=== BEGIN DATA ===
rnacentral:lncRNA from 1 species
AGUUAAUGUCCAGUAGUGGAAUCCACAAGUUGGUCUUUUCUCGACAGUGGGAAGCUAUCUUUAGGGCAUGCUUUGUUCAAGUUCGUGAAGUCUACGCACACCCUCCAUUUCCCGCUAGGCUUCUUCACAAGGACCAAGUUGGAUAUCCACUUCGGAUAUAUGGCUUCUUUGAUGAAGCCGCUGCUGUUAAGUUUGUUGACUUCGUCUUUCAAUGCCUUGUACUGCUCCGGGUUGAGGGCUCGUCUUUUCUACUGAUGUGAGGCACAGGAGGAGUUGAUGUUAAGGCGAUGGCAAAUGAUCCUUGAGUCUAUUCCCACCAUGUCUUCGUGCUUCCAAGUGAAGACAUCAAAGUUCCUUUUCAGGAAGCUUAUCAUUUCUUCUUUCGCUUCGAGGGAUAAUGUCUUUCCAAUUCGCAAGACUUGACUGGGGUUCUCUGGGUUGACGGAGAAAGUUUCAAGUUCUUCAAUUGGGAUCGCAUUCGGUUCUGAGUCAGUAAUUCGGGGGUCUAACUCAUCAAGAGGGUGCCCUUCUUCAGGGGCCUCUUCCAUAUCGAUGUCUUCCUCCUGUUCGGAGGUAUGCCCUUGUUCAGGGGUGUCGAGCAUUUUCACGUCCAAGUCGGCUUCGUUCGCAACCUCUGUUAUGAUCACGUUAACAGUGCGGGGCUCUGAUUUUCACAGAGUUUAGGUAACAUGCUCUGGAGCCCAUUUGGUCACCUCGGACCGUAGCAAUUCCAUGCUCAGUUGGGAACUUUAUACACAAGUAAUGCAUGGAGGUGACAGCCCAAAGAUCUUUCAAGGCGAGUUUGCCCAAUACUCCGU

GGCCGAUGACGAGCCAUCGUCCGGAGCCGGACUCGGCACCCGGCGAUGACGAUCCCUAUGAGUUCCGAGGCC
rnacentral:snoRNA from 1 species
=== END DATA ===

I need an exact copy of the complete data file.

rnacentral:lncRNA from 1 species
AGUUAAUGUCCAGUAGUGGAAUCCACAAGUUGGUCUUUUCUCGACAGUGGGAAGCUAUCUUUAGGGCAUGCUUUGUUCAAGUUCGUGAAGUCUACGCACACCCUCCAUUUCCCGCUAGGCUUCUUCACAAGGACCAAGUUGGAUAUCCACUUCGGAUAUAUGGCUUCUUUGAUGAAGCCGCUGCUGUUAAGUUUGUUGACUUCGUCUUUCAAUGCCUUGUACUGCUCCGGGUUGAGGGCUCGUCUUUUCUACUGAUGUGAGGCACAGGAGGAGUUGAUGUUAAGGCGAUGGCAAAUGAUCCUUGAGUCUAUUCCCACCAUGUCUUCGUGCUUCCAAGUGAAGACAUCAAAGUUCCUUUUCAGGAAGCUUAUCAUUUCUUCUUUCGCUUCGAGGGAUAAUGUCUUUCCAAUUCGCAAGACUUGACUGGGGUUCUCUGGGUUGACGGAGAAAGUUUCAAGUUCUUCAAUUGGGAUCGCAUUCGGUUCUGAGUCAGUAAUUCGGGGGUCUAACUCAUCAAGAGGGUGCCCUUCUUCAGGGGCCUCUUCCAUAUCGAUGUCUUCCUCCUGUUCGGAGGUAUGCCCUUGUUCAGGGGUGUCGAGCAUUUUCACGUCCAAGUCGGCUUCGUUCGCAACCUCUGUUAUGAUCACGUUAACAGUGCGGGGCUCUGAUUUUCACAGAGUUUAGGUAACAUGCUCUGGAGCCCAUUUGGUCACCUCGGACCGUAGCAAUUCCAUGCUCAGUUGGGAACUUUAUACACAAGUAAUGCAUGGAGGUGACAGCCCAAAGAUCUUUCAAGGCGAGUUUGCCCAAUACUCCGU

GGCCGAUGACGAGCCAUCGUCCGGAGCCGGACUCGGCACCCGGCGAUGACGAUCCCUAUGAGUUCCGAGGCC
rnacentral:snoRNA from 1 species